So God Made a Mother Collection ➔

This Christmas will not be perfect.

Despite the lofty goals I set for myself to have everything in order and looking like a Nancy Meyers film before my in-laws and mother come to town, my housekeeping skills will not be lauded. My garage will not be sparkling clean, a place where one delights to go forth and breakdown boxes. In fact, the boxes will likely not be broken down at all. They will likely be tossed into the garage with a toddler on my hip, waiting for the “someday” when that seems like the best use of a naptime. 

My pantry will probably not get the scrubbing and organization I was hoping to give it in order to make the cookie baking process more beautiful. No—I, along with my in-laws and mother, will probably stumble around, spilling the basket of prune pouches while I try to delicately maneuver things with the use of only one hand in order to get to the flour. I will feel embarrassed when nobody can find the bread and can only get to the peanut butter by moving the dog’s water bowl, which was placed up on the food shelf to keep the baby out of it. 

Presents will not be wrapped in a timely fashion, in the beautiful wrapping room that I suppose I was planning on building for myself before Christmas gets here. They will be done through bleary eyes late one night after I get my toddler and preschooler to sleep. 

Our halls are certainly decked, but some of the finishing touches I had dreamed of doing probably just aren’t going to happen at this point. The homemade Christmas card display? Not going to happen. In fact, I haven’t even ordered my family Christmas cards yet. I suppose that task can also be filed under the “good intentions but won’t happen” category. Ornaments have been taken from the tree, re-arranged and broken. My tree skirt won’t stay straight. The lights on my garland are already out, and I doubt I’m going to make it to the hardware store again before Christmas to replace them. 

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I’m already feeling stressed because aren’t my in-laws and mother expecting a perfect Christmas? Isn’t the perfectly organized pantry crucial for everyone’s Christmas enjoyment? Don’t they want to open my garage and see a sparkling, neat area? Don’t they need to be able to easily look into my kids’ drawers and find their Christmas pajamas? Surely they will be disappointed if they have to dig them out of the dryer like I do every other day!

I have been running through the mental ropes of how to get all of this done by Christmas, hold space for the magic that exists each December, teach my kids the true meaning of Christmas, be present for every moment, and not be a complete Grinch.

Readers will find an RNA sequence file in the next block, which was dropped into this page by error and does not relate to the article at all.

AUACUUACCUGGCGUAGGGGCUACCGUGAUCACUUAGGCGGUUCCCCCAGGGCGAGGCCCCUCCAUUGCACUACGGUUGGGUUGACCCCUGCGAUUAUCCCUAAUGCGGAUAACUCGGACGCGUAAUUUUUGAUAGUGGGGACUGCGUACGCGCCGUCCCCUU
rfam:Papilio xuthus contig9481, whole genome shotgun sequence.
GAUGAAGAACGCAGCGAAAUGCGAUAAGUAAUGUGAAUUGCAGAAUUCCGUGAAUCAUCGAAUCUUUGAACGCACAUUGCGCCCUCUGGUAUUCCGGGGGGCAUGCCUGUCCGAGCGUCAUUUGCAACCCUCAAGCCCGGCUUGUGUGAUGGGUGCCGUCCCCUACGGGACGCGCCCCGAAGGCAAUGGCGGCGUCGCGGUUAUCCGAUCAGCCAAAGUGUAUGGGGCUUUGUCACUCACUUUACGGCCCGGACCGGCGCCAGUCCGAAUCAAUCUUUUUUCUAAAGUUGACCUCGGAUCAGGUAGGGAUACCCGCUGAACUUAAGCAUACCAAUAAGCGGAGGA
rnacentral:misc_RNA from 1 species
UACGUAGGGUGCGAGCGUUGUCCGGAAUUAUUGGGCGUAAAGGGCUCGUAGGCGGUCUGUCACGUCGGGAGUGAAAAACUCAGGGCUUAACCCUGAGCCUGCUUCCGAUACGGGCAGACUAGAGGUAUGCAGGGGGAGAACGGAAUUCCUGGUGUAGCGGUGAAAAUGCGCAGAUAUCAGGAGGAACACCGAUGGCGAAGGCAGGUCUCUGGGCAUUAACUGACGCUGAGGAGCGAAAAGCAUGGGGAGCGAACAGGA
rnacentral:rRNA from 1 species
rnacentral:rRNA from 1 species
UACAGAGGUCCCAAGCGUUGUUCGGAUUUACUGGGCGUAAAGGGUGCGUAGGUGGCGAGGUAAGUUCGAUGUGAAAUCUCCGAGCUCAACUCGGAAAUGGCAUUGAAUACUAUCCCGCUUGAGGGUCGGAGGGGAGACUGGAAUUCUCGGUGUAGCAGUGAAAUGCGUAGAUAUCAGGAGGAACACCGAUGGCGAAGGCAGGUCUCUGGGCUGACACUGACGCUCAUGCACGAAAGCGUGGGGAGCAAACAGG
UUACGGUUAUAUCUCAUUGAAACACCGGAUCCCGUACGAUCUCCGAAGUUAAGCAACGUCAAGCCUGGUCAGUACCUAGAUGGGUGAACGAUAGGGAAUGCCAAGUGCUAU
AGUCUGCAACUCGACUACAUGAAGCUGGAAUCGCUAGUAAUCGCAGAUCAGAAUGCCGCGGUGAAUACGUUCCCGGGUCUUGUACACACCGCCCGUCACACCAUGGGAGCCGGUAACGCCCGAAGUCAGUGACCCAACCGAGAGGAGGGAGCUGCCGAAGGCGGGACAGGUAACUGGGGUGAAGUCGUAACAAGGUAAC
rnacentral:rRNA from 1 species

The conclusion I came to this morning was it’s not going to happen. Christmas will not be perfect. It won’t.

There will be moments of struggle, when the prune pouches fall for the third time and the dog’s water gets poured out by the toddler for the fourteenth. There will be sadness, as my mom and I grieve the empty space where my dad should be sitting. I will feel overwhelmed and tired and not enough. Menial things will feel like a big deal, and I won’t appreciate every moment. 

If I can hold a little space for these feelings and simultaneously accept the lack of perfection, I truly believe I can tap into the magic of Christmas.

RELATED: Everything I Do To Make Christmas Magical is Because Mom Made it Magical For Me First

I will soak up my toddler throwing sprinkles all over the kitchen because she is delighted in the shiny, sparkly goodness that she is getting to dust on her Christmas cookies. I’ll also be OK when said sprinkles stick to my feet when I walk through the kitchen hours later

I will bask in “Mama” being said over and over and over because my preschooler has so very many things to tell me about Rudolph and the abominable snow monster. 

I will find beauty in our Christmas tree, with the unbalanced ornament spacing and the rumpled skirt because my kids find magic there. 

I will let my preschooler eat the chocolate from his advent calendar in my bed each morning at 6 a.m. because his excitement is contagious. I will not judge myself for being unable to keep up with the laundry that inevitably follows chocolate in bed.

The garage and the pantry will be unorganized because I am playing with my kids next to the Christmas tree. The laundry will not be caught up because I am reading Christmas stories. The kitchen will not stay clean because we are baking Christmas cookies.

I am setting an intention right now to marvel at the paper snowflakes stuck all over my windows. That sticky icing with sprinkles handprint on my cabinet will not be as tiny next year.

My heart drips with love for these tiny people, and I refuse to let this season pass me by while I am striving for a perfect Christmas.

I’m pretty sure I already have it. 

PS – Just let that holiday stress go, mama . . . you’re doing great.

Jamie Stephen

Jamie Stephen is a 30 something living in Austin, Texas. She is happiest when reading, writing, or hiking with her Australian Shepherd, Possum the Dog. She is a practicing Speech Language Pathologist, but spends most of her days at home with her two precious kiddos drinking way too much coffee and pushing them on the swing. 

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